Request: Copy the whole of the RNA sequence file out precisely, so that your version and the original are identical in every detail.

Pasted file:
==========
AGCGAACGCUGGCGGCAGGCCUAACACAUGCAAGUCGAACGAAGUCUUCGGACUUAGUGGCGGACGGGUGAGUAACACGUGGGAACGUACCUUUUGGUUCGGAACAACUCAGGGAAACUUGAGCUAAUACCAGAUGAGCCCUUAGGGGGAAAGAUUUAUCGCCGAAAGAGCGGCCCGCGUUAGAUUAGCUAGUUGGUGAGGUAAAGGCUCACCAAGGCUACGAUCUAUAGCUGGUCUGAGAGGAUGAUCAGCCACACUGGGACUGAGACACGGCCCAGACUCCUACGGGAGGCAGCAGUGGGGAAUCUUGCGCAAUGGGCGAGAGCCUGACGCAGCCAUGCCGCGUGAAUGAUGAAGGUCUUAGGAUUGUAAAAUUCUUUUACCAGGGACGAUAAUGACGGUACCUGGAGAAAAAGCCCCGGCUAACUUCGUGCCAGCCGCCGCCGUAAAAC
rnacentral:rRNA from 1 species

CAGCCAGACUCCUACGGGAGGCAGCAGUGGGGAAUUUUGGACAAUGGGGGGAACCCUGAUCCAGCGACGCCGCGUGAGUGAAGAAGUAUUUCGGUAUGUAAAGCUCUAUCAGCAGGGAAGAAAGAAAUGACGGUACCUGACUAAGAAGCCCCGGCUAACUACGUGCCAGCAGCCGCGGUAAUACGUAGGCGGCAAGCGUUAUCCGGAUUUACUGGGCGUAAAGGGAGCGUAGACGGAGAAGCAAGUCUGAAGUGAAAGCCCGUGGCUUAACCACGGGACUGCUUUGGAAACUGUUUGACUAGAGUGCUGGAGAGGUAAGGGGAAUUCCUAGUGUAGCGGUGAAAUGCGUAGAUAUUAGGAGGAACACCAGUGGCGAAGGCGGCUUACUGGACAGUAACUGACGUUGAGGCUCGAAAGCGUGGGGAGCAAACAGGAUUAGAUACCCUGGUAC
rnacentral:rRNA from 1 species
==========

AGCGAACGCUGGCGGCAGGCCUAACACAUGCAAGUCGAACGAAGUCUUCGGACUUAGUGGCGGACGGGUGAGUAACACGUGGGAACGUACCUUUUGGUUCGGAACAACUCAGGGAAACUUGAGCUAAUACCAGAUGAGCCCUUAGGGGGAAAGAUUUAUCGCCGAAAGAGCGGCCCGCGUUAGAUUAGCUAGUUGGUGAGGUAAAGGCUCACCAAGGCUACGAUCUAUAGCUGGUCUGAGAGGAUGAUCAGCCACACUGGGACUGAGACACGGCCCAGACUCCUACGGGAGGCAGCAGUGGGGAAUCUUGCGCAAUGGGCGAGAGCCUGACGCAGCCAUGCCGCGUGAAUGAUGAAGGUCUUAGGAUUGUAAAAUUCUUUUACCAGGGACGAUAAUGACGGUACCUGGAGAAAAAGCCCCGGCUAACUUCGUGCCAGCCGCCGCCGUAAAAC
rnacentral:rRNA from 1 species

CAGCCAGACUCCUACGGGAGGCAGCAGUGGGGAAUUUUGGACAAUGGGGGGAACCCUGAUCCAGCGACGCCGCGUGAGUGAAGAAGUAUUUCGGUAUGUAAAGCUCUAUCAGCAGGGAAGAAAGAAAUGACGGUACCUGACUAAGAAGCCCCGGCUAACUACGUGCCAGCAGCCGCGGUAAUACGUAGGCGGCAAGCGUUAUCCGGAUUUACUGGGCGUAAAGGGAGCGUAGACGGAGAAGCAAGUCUGAAGUGAAAGCCCGUGGCUUAACCACGGGACUGCUUUGGAAACUGUUUGACUAGAGUGCUGGAGAGGUAAGGGGAAUUCCUAGUGUAGCGGUGAAAUGCGUAGAUAUUAGGAGGAACACCAGUGGCGAAGGCGGCUUACUGGACAGUAACUGACGUUGAGGCUCGAAAGCGUGGGGAGCAAACAGGAUUAGAUACCCUGGUAC
rnacentral:rRNA from 1 species